Mental Health Symptoms

Mental Health Symptoms

There are different levels of symptoms in all diagnoses, and while some symptoms may appear similar to another prognosis, the symptoms should not be confused. It is important to examine a patient closely before diagnosing the patient. Let’s examine depression since it is one of the most common diagnose today. There are many levels of depression, including major depressive episodes, dysthymic, and bi-polar manic depression, cyclothymic and premenstrual dysthymic. Diagnosis-related to depression often has symptoms such as mood swings. Since most of the diagnosis is related it is important to examine the patient carefully to properly diagnose the patient. Normal mood swings are common for most of us, but when a patient illustrates lifted moods, this is known as mania.

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Major Depressive Episodes often feel a sense of entrapment. Major depressive episodes are also known as unipolar and are often treated with antidepressants. Major depressive episodes are linked to biological imbalances, negative outlooks, genetics, inability to handle stressors, chemical imbalances, personality flaws, and so on. There is no single cause available that helps us to understand the diagnosis, and to date, the prognosis is still under investigation. Since the patients are often treated with antidepressants the patient rarely finds complete recovery, since researchers have proven these medicines are cause harm. Related to many other depressions, major depressive episodes often suffer symptoms including sadness, negative thinking, suicidal tendencies, lack of interest, feelings of despair, and so forth. Often the patients are affected biologically, which includes fatigue, exhaustion, nausea, headaches, and so forth. If the symptoms are severe the patient may even hallucinate, or even illustrate delusional behaviors.

Schizophrenia and Psychosis

NOTE: Schizophrenia and Psychosis as well as other diagnosis have similar or the same symptoms; therefore, it is important to examine the patient thoroughly before treating the patient. Anyone with schizophrenia will hallucinate or illustrate delusional behaviors, while those that suffer from depression are less extreme and often rare. When a person is illustrating depression, it is important to take the patient to a doctor for a thorough examination. In most cases, these people are suffering from medical issues that create depressive behaviors. If you treat the patient medically, it might be possible to avoid psychological treatment. Covering your grounds before becoming a long-term medicine addict can save you additional despair. Bipolar or manic depression has symptoms including mania, affected speech patterns, fatigue or else inability to sleep, being overzealous, or under zealous frequently, and so forth.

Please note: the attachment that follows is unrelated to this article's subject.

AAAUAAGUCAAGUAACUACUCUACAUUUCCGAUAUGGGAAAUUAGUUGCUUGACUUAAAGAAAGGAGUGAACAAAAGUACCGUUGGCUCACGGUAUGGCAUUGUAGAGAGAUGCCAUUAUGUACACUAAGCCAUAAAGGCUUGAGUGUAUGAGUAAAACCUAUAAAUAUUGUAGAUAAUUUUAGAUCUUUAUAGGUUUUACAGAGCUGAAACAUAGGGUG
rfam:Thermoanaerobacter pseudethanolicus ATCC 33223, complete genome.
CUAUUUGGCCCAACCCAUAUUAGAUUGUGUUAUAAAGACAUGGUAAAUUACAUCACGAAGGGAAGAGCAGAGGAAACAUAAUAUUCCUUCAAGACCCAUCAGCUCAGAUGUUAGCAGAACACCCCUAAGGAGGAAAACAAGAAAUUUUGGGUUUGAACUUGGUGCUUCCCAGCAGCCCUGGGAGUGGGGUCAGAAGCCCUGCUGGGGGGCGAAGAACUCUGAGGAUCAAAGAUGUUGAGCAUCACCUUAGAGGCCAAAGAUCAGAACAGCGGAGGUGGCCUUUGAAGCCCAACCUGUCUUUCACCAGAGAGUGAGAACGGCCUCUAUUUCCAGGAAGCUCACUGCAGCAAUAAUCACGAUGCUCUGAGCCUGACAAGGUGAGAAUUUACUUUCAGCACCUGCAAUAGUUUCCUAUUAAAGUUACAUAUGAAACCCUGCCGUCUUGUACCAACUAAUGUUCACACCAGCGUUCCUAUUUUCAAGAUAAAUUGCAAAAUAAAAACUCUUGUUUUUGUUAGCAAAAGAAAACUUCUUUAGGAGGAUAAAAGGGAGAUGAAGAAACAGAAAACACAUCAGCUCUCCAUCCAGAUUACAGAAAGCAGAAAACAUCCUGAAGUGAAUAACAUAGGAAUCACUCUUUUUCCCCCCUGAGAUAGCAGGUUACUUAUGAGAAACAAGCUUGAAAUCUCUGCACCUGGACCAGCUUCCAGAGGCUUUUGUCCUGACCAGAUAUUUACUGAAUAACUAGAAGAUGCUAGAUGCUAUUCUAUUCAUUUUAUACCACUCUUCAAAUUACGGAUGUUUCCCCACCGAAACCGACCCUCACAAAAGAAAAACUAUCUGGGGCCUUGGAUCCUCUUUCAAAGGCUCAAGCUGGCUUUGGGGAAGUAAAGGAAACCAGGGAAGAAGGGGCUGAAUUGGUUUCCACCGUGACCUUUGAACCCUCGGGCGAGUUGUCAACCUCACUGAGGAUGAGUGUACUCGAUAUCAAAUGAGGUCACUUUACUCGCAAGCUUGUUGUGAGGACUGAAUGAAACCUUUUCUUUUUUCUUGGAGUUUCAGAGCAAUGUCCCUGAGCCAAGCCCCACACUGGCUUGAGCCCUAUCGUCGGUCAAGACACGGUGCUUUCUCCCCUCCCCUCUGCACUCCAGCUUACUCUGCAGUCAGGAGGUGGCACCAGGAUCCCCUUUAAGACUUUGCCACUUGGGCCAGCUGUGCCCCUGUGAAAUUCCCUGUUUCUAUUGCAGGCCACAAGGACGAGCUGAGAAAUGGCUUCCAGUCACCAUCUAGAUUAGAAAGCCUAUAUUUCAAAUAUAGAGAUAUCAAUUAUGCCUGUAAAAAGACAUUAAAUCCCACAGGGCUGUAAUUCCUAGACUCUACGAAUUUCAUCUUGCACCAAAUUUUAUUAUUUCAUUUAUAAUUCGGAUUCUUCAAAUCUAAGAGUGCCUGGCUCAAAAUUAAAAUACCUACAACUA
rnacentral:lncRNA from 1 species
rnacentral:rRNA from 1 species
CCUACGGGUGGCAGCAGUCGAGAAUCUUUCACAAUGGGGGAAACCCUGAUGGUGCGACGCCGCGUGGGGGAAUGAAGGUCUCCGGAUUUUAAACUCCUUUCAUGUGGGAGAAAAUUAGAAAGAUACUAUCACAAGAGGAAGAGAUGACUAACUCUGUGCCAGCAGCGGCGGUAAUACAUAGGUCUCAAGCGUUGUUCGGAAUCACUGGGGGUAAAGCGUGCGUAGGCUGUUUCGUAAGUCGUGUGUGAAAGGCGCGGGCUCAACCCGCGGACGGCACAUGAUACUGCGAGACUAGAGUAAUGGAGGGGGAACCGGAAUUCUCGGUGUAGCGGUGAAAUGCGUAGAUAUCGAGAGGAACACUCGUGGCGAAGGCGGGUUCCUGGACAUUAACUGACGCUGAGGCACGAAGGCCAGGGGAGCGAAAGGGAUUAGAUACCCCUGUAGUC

Therapists claim that at least 75% of the patients that suffer from bipolar hallucinate or are delusional. Many patients with bipolar often treat or act on suicidal thoughts. They also threaten or assault other people around them regularly. Studies have shown that people with bipolar are linked to genetics. Therapists should carefully examine the patient to rule out other disorders, including schizophrenia and psychosis, as well as cyclothymic.

Cyclothymic is a common disorder and is deemed a form of bipolar, less severe. Cyclothymic patients often have mood swings known as ‘hypomania.” The symptoms are different from what bipolar displays since the diagnosis is less severe. Premenstrual Dysphoric Disorder (PMDD) is associated with hormones. This is common stress or depression period when women are menstruating. There were previous arguments regarding this diagnosis, however, in the early parts of the 90s, the diagnosis was added to the DSM-III-R. Symptoms include diet change, feelings of being overwhelmed, anger, irrational thinking, headaches, cramping, bloating, and so forth. This diagnosis can easily be misconstrued since abused patients suffer similar symptoms.

Doctors often treat patients with PMDD, by giving them hormonal therapy. These medicines have proven unhealthy and often do not resolve the problems. Currently, researchers are finding that medicines given to mentally ill patients are causing harm, and creating more problems. Not all medicines are bad, but if a patient is taking medications then the professionals are obligated to monitor the patient carefully, examining symptoms and signs closely. If the patient illustrates any signs of side effects, the medicine should be changed or altered in dosage. Again, there are different levels of symptoms, as well as similar symptoms in a few of the diagnoses, therefore anyone treated for mental illness should be carefully examined before diagnosing the patient’s future. Having a healthy mind keeps us on track.

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This information is not presented by a medical practitioner and is for educational and informational purposes only. The content is not intended to be a substitute for professional medical advice, diagnosis, or treatment. Always seek the advice of your physician or other qualified healthcare providers with any questions you may have regarding a medical condition. Never disregard professional medical advice or delay in seeking it because of something you have read.
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